All-Out Coverage of Schiavo Wears Thin; No Real Look at Causes of Bulimia
Published on Tuesday, March 29, 2005 by the Toronto Star
All-Out Coverage of Schiavo Wears Thin
No Real Look at Causes of Bulimia
by Antonia Zerbisias

"It appears the parents of Terri Schiavo have run out of options ... meaning the Schiavo feeding tube will soon be removed from the cable news networks."

You can count on The Daily Show With Jon Stewart to inject cynicism into what has been, you should pardon the expression, a media feeding frenzy over a brain-damaged woman.

But then, once the White House and U.S. Congress entered the fray, it was tough to fault news organizations for being all over this tragic story of a beautiful young woman who so desperately wanted to be thin that she destroyed her life, and the lives of those who love her.

Even coverage of the coverage has been copious.

Critics have correctly attacked CNN and other organizations for distorting the presentation of opinion polls on the matter. An MSNBC host intimated that Schiavo's husband Michael is a "Nazi'' for wanting to remove her feeding tube. Fox News has come under fire for failing to identify demonstrators as members of an anti-abortion group. It even invited cancelled TV psychic John Edward to read Schiavo's mind.

And, if all that wasn't disgusting enough, how about the syndicated radio host, Glenn Beck, who claims to have raised $5 million (U.S.) in pledges "to buy" Schiavo from her husband "if he will divorce her and give guardianship rights to her parents."

It was the perfect Easter week story, a life and death drama with talk of miracles and resurrections mixed in with some of the worst coverage of any event ever.

Doctors who never went near the patient were called upon to diagnose her. Politicians spoke as if they were medical experts. Just about any nurse who changed a bedpan in the same hospital at some time during Schiavo's 15-year ordeal might have gotten facetime.

Meanwhile, the media, cowed by the "moral values" crowd, rarely asked legitimate questions that needed asking. For example, how U.S. President George W. Bush, who cut short his vacation to preserve the "sanctity of life," can also justify the death penalty.

Much of the coverage was fueled by clips from some 4 1/2 hours of videotape shot by Schiavo's parents who made them public. They have become a Rorschach in this debate. One sees what one wants to see and many see exactly what the parents hope they see.

That the segments represent only a few moments of Schiavo's life is either ignored or glossed over. That they might be as misrepresentative as, say, shooting one minor scuffle at the edge of a massive but otherwise peaceful demonstration and then calling the protest "violent" is also never said.

What they show is an apparently sentient Terri, vocalizing, tracking a balloon and moving to music.

Kind of like a newborn really.

Which is probably the point.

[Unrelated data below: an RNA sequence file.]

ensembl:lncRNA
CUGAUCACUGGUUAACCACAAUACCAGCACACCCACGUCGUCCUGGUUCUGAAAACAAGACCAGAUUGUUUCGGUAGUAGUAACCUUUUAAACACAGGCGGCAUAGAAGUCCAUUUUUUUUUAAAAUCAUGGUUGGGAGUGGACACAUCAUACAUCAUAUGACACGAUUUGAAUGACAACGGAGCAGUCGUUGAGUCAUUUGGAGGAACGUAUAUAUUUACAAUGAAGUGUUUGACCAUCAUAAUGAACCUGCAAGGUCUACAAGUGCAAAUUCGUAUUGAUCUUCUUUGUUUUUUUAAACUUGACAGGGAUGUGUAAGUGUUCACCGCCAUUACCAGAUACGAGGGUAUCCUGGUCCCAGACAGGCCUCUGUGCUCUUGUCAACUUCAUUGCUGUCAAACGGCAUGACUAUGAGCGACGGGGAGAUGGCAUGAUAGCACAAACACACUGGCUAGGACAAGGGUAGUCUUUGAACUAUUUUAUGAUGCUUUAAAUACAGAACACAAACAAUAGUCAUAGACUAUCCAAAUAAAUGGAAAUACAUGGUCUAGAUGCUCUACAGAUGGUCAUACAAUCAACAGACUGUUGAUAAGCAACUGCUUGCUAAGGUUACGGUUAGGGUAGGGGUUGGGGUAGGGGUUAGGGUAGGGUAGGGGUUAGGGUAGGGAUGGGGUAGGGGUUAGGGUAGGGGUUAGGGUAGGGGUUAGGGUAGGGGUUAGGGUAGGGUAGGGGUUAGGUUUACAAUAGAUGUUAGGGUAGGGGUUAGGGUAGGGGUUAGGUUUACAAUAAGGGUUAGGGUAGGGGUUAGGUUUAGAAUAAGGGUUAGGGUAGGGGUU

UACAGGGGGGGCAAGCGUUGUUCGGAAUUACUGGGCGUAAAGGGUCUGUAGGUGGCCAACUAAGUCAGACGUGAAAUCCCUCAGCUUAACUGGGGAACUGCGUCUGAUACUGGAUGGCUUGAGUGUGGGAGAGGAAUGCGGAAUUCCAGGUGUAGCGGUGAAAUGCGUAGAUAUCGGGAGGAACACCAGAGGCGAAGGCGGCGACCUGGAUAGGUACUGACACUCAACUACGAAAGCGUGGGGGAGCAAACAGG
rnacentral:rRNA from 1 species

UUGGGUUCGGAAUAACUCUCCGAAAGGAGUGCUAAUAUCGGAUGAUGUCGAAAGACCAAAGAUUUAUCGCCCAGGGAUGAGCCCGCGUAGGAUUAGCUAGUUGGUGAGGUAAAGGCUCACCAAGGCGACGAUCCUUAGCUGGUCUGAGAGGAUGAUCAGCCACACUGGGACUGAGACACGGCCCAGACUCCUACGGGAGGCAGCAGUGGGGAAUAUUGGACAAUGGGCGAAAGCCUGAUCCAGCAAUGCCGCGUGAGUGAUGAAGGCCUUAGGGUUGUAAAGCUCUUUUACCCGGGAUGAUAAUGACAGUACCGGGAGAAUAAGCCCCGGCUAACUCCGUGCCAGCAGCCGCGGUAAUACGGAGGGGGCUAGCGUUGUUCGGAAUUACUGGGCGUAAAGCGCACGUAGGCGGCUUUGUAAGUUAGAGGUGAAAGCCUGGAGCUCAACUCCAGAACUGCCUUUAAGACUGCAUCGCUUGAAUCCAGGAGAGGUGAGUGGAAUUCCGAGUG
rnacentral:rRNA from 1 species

Nobody can condemn the parents for resorting to manipulative measures to keep their daughter close, and alive.

Yet this is a woman whose body image drove her to risk her health in the first place, a woman who had a deadly obsession about her appearance.

As her brother-in-law Scott Schiavo told the New York Times, Terri would have been mortified by the video.

"She was very, very particular about the way she looked, very proud when she walked out the door," he said last week. "She would be so upset to have the world seeing her that way."

Not surprising.

A once fat teenager who had lost 65 pounds, Terri Schiavo was so terrified of regaining her excess weight that she willingly purged her body of sustenance, and in a rather violent fashion.

"The irony is very cruel indeed," observes Jean Kilbourne, an expert on how women are portrayed in advertising, and author of Can't Buy My Love: How Advertising Changes the Way We Think and Feel. "I don't think it's an issue of vanity. I think it's much, much deeper.

"Women, young women, get the message that their value depends entirely on how they look and, these days, on being extremely thin."

Of course, nobody knows what, if anything, is in Terri Schiavo's mind right now. Maybe if, somewhere deep down inside, Terri really does have consciousness, she wouldn't mind seeing herself on TV over and over again looking slack-jawed and stupid.

Why care, if it saves her life?

Which brings us back to the media, who are profiting mightily from Schiavo's terrible fate, with this perfectly made-to-measure big ratings story.

Throughout this wrenching moral and political uproar, they alone have escaped castigation.

Yet they have much to answer for. They and the advertisers that feed them are the ones who promote unrealistic images of tall, willowy women without an ounce of excess flesh except of course in the two right places.

"Imagine," says Kilbourne, "if all this energy and media attention focused instead on the self-loathing and hatred of their own bodies that our culture generates in women, and the rampant eating disorders that often result. Now that might save the lives of many young women for whom it is not too late."

© 2005 Toronto Star Newspapers Limited